With a real big hug and a goodnight kiss, I am,
P.S. I love you lots and lots and lots and then some.
July 18, 1925.
My dearest Walter:
Just a few words this evening to let you know I am thinking of you and still love you even thought I haven’t had a letter in two days. I know you are just as busy as you can be and don’t have nearly as much time as I do to write. This letter is certainly not intended as a scolding. I am looking forward to tomorrow when I believe I will get a letter.
Goodnight and sweet dreams.
Lots of love,
July 19, 1925.
Your Wednesday night letter came this morning on my way to Sunday School. You see, I can’t enjoy anything very much until I first make a trip to the post office. I enjoyed the letter very much because it seemed like a long time since I had received one, but really it had been only two days. Please don’t take my letter of yesterday as a complaint. I know that you are busy and I don’t blame you when you don’t write. It really wasn’t a long time at all. It just seemed that way.
Now – about the pictures! It was mighty nice of you to have them developed and send me the prints, but – did you happen to keep a print of them? If you did, will you do me a favor? Just as quickly as you can, please, please take your knife and cut me out of the two pictures. They are perfectly awful of me. I am sure I have never had any made that looked any worse. If you will do that I will love you forever and will make some better pictures soon and send them to you. Your half of the pictures is so much better looking than mine. You don’t know how lonesome you look in the prints that I have since I have cut myself out.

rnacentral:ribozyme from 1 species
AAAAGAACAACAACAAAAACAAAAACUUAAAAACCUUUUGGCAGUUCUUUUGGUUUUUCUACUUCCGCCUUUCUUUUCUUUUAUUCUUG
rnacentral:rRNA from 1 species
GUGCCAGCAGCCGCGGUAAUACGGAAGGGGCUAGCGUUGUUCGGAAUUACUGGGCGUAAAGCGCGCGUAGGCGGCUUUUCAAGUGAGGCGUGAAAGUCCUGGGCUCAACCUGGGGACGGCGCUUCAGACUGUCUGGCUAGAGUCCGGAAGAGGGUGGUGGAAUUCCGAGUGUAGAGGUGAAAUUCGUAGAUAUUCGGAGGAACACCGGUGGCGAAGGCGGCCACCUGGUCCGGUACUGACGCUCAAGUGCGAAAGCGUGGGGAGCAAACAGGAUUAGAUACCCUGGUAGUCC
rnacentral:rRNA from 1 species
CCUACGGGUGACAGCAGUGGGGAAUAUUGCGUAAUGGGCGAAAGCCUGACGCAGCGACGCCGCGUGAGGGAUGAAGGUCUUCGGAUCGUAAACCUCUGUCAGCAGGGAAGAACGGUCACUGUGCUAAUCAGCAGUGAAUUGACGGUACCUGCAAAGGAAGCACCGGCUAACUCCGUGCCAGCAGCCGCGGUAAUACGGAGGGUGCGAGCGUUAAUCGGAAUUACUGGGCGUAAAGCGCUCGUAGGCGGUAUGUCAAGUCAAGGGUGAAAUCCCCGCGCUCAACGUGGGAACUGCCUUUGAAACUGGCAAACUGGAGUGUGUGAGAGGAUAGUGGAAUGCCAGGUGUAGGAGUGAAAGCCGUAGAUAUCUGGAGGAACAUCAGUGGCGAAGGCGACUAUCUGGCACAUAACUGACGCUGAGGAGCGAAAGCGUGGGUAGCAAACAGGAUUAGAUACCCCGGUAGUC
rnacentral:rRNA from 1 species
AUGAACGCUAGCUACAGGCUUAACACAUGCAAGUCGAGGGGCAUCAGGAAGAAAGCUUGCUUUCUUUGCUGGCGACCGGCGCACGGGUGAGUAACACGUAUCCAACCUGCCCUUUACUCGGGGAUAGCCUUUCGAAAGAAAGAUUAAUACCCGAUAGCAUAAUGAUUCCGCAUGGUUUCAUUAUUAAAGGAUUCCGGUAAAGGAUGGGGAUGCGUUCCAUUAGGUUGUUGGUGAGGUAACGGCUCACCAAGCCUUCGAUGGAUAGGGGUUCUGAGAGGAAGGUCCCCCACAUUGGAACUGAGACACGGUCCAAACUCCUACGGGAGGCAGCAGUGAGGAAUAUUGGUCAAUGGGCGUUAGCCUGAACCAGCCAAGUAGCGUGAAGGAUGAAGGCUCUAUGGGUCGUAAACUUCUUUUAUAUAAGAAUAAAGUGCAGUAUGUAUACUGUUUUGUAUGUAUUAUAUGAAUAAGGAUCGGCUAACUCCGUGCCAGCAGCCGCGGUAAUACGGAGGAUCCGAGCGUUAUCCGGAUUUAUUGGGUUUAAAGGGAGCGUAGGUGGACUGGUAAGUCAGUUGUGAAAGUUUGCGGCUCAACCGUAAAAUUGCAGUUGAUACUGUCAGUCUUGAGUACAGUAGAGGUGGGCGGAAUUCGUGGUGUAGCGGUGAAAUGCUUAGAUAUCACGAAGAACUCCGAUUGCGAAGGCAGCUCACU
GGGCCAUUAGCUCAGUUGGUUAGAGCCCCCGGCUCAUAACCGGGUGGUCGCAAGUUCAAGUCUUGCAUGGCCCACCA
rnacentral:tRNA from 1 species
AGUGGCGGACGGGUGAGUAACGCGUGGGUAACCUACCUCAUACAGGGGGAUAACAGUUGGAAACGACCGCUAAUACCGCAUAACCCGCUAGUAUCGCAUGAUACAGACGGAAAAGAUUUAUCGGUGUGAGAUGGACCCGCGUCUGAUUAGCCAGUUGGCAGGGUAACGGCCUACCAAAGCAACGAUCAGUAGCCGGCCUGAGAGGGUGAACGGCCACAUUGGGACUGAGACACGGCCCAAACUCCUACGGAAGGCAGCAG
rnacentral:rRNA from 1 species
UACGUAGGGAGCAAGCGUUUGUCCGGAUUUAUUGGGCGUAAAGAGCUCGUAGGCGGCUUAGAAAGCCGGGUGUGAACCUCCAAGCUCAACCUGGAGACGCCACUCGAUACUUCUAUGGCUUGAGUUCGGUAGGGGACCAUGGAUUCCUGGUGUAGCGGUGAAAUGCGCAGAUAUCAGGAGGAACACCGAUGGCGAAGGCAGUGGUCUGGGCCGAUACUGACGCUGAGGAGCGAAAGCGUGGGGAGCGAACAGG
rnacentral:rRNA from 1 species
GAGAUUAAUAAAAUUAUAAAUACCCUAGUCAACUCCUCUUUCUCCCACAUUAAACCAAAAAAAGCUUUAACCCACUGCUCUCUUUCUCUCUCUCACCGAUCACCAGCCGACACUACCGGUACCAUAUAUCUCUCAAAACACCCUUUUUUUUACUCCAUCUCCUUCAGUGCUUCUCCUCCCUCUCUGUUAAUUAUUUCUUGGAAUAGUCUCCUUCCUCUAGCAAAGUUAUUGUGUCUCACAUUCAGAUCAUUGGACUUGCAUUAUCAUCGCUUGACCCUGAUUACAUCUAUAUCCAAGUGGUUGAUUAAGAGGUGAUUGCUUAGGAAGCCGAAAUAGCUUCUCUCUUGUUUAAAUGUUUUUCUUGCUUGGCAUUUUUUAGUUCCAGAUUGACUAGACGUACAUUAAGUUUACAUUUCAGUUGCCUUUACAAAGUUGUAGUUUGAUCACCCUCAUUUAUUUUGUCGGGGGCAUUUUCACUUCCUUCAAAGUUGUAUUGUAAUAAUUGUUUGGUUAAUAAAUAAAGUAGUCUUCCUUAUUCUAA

I suppose Mrs. H. and E. feel sure that you are a very hard hearted creature. They don’t know you like I do if they think so. I am sorry it came about so as to make it necessary for you to do as you did, but it seemed to be the only thing to do, didn’t it? They seemed to disregard your feelings so much that you had to disregard theirs in self defense. I appreciated the way you did even if they didn’t. I hope you will never regret it.
I must hurry and go to League.
My Dear Ina,
It is a lovely afternoon and I was just wondering where you were and what you were doing. Wanted you to know that I am wishing for you and thinking of you, so found myself writing it. I’d be mighty happy if I could be with you now.
Had one letter from Mr. Bish since he returned to Dallas but he did not mention Uvalde in it. I presume he avoids writing about anything except my work here, for fear there will be a tendency to distract my mind from this project.
It rains a little every day now and we should have some new creeping eruption cases to show up pretty soon. Most of them try everything suggested by the neighbors and druggists and when the skin is irritated and infected they come for medical attention. We have an excellent treatment during the early stages but when they neglect themselves for a few weeks, it is very hard to effect a cure. The average person tries iodine and then a wash of bichloride of mercury. The combination forms mercuric iodide which is very irritating. Either would give some relief, but this combination only adds to their agony.